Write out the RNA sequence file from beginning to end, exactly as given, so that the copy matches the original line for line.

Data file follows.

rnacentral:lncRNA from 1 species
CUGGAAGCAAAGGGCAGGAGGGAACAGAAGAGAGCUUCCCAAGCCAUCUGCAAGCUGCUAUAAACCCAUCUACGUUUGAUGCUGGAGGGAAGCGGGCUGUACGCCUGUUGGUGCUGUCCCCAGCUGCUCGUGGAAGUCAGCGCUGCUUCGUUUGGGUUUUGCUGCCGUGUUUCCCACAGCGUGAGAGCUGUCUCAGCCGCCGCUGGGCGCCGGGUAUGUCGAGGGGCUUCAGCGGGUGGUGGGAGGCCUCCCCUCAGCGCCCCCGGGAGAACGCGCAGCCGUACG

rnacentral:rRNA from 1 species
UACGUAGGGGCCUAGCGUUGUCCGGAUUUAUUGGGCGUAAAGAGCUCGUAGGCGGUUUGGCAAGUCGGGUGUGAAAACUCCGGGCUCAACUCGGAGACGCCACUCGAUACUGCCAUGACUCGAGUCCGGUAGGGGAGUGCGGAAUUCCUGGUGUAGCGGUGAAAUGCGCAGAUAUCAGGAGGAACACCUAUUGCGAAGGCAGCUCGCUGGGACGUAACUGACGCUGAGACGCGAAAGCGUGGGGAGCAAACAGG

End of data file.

rnacentral:lncRNA from 1 species
CUGGAAGCAAAGGGCAGGAGGGAACAGAAGAGAGCUUCCCAAGCCAUCUGCAAGCUGCUAUAAACCCAUCUACGUUUGAUGCUGGAGGGAAGCGGGCUGUACGCCUGUUGGUGCUGUCCCCAGCUGCUCGUGGAAGUCAGCGCUGCUUCGUUUGGGUUUUGCUGCCGUGUUUCCCACAGCGUGAGAGCUGUCUCAGCCGCCGCUGGGCGCCGGGUAUGUCGAGGGGCUUCAGCGGGUGGUGGGAGGCCUCCCCUCAGCGCCCCCGGGAGAACGCGCAGCCGUACG

rnacentral:rRNA from 1 species
UACGUAGGGGCCUAGCGUUGUCCGGAUUUAUUGGGCGUAAAGAGCUCGUAGGCGGUUUGGCAAGUCGGGUGUGAAAACUCCGGGCUCAACUCGGAGACGCCACUCGAUACUGCCAUGACUCGAGUCCGGUAGGGGAGUGCGGAAUUCCUGGUGUAGCGGUGAAAUGCGCAGAUAUCAGGAGGAACACCUAUUGCGAAGGCAGCUCGCUGGGACGUAACUGACGCUGAGACGCGAAAGCGUGGGGAGCAAACAGG